September 24, 2009

Stop Me If You’ve Heard This One: The Benefits of Humor in the Classroom

By: in Teaching and Learning

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The contribution that humor makes to student learning is well established in research. It is not that humor causes learning; rather, it helps to create conditions conducive to learning. It helps learners relax, alleviates stress, and often makes it easier for students and teachers to connect personally. The presence of humor in a classroom can be very beneficial.

But there are a couple of problems. First, faculty often don’t think of themselves as funny—some are, but most academics would not make a living as stand-up comedians. In fact, any number of faculty cannot successfully tell a joke, even after carefully rehearsing the lines and easing their tension with liquid libations. So, how might a serious academic find his or her way to humor that works in the classroom?

And then there’s the problem of propriety. Not all humor is appropriate, especially given the commitment of higher education to cultural respect, diversity, and equality. If you can’t make jokes about ethnicity, politics, religion, or sex, is there anything left for one-liners?

Fortunately some recent research offers help on both fronts. For faculty who don’t think they can be funny in the classroom, there is a wide range of different kinds of humor. Options abound. Early research (referenced in the article below) identified seven different kinds of humor: funny stories, funny comments, jokes, professional humor, puns, cartoons, and riddles.

The purpose of the study referenced below was to identify what students consider appropriate and inappropriate humor. Researchers did that by asking 284 undergraduates to list several examples of “appropriate and suitable” humor and then asking them to do the same for humor that was “offensive and/or not fitting for the class.” The students had no trouble identifying examples in both categories.

This student sample generated 712 examples of appropriate teacher humor, which researchers placed in four different categories. The first, which contained almost half the listed examples, researchers called “related humor.” This humor linked with course materials; examples included a physics instructor who regularly played with a Slinky to demonstrate certain physics principles or another who used course material in jokes: “What do you call someone who likes to go out a lot?” Answer: “Fungi.”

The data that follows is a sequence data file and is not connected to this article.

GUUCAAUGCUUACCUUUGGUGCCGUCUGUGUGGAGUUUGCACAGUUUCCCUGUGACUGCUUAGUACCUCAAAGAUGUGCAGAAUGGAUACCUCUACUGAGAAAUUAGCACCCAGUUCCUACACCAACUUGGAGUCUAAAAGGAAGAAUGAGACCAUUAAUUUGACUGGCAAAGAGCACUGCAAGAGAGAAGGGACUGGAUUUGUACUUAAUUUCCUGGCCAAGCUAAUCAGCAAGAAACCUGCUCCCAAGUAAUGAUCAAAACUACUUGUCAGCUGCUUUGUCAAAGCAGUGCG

The second category was unrelated humor. These first two categories contained more than 90 percent of the examples students provided, although researchers note that there was overlap between the two categories. Examples in this second category include some teasing of student groups or individual students, or some stereotypical student behavior such as procrastinating.

The remainder of the appropriate examples were self-disparaging humor in which the instructor made jokes or told stories that poked fun at or belittled him or herself. Then there was a very small category of unintentional or unplanned humor when something funny happened spontaneously in class.

Equally valuable in this research is the analysis of inappropriate humor, for which students offered 513 examples, which researchers again placed in four categories: disparaging humor targeting students, disparaging humor targeting others, offensive humor, and self-disparaging humor.

More than 40 percent of the examples fell into the first category where instructors disparaged students individually or collectively. Students were disparaged for their lack of intelligence, gender, or appearance, as well as for their opinions.

When the disparaging humor targeted others, it used stereotypes and such specific group characteristics as gender, race/ethnicity, or university affiliation. Some inappropriate humor examples were listed as offensive because they contained sexual material or vulgar verbal or nonverbal expressions, or they were too personal.

In conclusion, researchers encourage faculty to explore humor related to the course content. Students always considered it appropriate. Moreover, many reported that it helped them relate and recall important course information.

Reference: Wanzer, M. B., Frymier, A. B., Wojtaszczyk, A. M., and Smith, T. 2006. Appropriate and inappropriate uses of humor by teachers. Communication Education 55 (2): 178–96.

Excerpted from Humor: Getting a Handle on What’s Appropriate, The Teaching Professor, Feb. 2007.

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